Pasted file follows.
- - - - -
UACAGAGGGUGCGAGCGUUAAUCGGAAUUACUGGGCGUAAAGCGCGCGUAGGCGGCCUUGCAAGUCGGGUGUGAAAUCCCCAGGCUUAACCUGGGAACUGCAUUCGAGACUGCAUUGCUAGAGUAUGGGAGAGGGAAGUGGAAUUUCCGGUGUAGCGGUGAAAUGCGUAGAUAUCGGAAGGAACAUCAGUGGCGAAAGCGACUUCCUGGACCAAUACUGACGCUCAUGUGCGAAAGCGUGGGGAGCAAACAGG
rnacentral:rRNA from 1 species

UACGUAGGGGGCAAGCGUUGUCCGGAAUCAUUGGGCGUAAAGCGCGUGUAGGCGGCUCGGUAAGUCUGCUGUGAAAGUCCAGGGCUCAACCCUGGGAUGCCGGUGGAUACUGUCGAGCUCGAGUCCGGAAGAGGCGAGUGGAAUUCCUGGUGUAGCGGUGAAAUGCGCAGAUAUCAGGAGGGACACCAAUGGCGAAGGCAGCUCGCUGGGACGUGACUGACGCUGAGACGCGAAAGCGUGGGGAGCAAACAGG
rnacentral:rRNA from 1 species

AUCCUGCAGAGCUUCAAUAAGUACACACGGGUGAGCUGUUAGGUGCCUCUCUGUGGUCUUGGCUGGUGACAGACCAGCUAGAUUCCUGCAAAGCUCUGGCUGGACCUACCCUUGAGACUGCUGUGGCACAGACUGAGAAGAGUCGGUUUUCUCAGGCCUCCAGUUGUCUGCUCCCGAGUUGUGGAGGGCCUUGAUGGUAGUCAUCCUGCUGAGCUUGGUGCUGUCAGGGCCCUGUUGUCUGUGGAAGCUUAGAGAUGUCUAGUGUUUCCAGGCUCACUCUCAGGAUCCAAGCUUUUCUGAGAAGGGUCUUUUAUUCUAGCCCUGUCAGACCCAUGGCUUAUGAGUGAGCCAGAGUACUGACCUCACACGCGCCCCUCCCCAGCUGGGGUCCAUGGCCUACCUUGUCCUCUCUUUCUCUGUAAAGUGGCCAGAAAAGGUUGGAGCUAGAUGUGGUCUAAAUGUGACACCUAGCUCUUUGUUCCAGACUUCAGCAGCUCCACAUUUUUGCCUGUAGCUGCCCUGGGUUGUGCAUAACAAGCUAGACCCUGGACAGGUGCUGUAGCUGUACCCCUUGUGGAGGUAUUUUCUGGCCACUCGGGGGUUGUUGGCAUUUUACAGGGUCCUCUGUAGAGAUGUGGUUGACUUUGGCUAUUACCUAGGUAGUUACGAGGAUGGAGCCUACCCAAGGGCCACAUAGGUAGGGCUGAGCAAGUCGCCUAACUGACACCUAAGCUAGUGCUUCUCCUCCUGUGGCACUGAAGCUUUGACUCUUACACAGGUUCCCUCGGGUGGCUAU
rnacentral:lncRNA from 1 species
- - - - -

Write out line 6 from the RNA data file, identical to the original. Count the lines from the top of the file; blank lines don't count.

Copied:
rnacentral:lncRNA from 1 species